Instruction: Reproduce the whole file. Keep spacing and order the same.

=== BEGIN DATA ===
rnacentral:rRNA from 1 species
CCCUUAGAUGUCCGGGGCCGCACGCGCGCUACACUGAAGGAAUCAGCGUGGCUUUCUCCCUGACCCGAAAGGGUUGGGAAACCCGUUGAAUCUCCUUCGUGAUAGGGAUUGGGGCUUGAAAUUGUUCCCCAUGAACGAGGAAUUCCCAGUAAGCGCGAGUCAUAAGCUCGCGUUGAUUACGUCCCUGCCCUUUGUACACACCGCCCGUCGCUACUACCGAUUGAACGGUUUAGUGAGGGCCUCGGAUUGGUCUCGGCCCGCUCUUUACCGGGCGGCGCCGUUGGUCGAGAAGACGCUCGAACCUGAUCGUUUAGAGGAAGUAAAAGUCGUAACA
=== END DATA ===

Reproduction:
rnacentral:rRNA from 1 species
CCCUUAGAUGUCCGGGGCCGCACGCGCGCUACACUGAAGGAAUCAGCGUGGCUUUCUCCCUGACCCGAAAGGGUUGGGAAACCCGUUGAAUCUCCUUCGUGAUAGGGAUUGGGGCUUGAAAUUGUUCCCCAUGAACGAGGAAUUCCCAGUAAGCGCGAGUCAUAAGCUCGCGUUGAUUACGUCCCUGCCCUUUGUACACACCGCCCGUCGCUACUACCGAUUGAACGGUUUAGUGAGGGCCUCGGAUUGGUCUCGGCCCGCUCUUUACCGGGCGGCGCCGUUGGUCGAGAAGACGCUCGAACCUGAUCGUUUAGAGGAAGUAAAAGUCGUAACA